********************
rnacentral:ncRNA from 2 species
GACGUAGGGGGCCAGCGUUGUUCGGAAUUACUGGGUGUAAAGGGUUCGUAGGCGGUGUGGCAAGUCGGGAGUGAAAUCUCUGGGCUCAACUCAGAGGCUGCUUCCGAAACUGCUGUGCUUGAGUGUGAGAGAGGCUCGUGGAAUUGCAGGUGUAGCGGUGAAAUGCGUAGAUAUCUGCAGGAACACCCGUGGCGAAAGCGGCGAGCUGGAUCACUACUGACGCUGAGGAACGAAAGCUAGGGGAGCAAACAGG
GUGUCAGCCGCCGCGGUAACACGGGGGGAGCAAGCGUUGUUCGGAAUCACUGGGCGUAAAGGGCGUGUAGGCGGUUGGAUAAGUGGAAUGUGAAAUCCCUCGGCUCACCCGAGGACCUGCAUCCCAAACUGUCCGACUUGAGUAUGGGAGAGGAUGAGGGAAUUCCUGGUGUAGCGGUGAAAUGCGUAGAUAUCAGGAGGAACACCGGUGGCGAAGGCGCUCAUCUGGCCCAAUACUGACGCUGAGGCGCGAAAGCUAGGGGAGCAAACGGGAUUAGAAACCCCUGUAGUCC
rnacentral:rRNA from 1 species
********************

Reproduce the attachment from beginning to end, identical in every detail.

rnacentral:ncRNA from 2 species
GACGUAGGGGGCCAGCGUUGUUCGGAAUUACUGGGUGUAAAGGGUUCGUAGGCGGUGUGGCAAGUCGGGAGUGAAAUCUCUGGGCUCAACUCAGAGGCUGCUUCCGAAACUGCUGUGCUUGAGUGUGAGAGAGGCUCGUGGAAUUGCAGGUGUAGCGGUGAAAUGCGUAGAUAUCUGCAGGAACACCCGUGGCGAAAGCGGCGAGCUGGAUCACUACUGACGCUGAGGAACGAAAGCUAGGGGAGCAAACAGG
GUGUCAGCCGCCGCGGUAACACGGGGGGAGCAAGCGUUGUUCGGAAUCACUGGGCGUAAAGGGCGUGUAGGCGGUUGGAUAAGUGGAAUGUGAAAUCCCUCGGCUCACCCGAGGACCUGCAUCCCAAACUGUCCGACUUGAGUAUGGGAGAGGAUGAGGGAAUUCCUGGUGUAGCGGUGAAAUGCGUAGAUAUCAGGAGGAACACCGGUGGCGAAGGCGCUCAUCUGGCCCAAUACUGACGCUGAGGCGCGAAAGCUAGGGGAGCAAACGGGAUUAGAAACCCCUGUAGUCC
rnacentral:rRNA from 1 species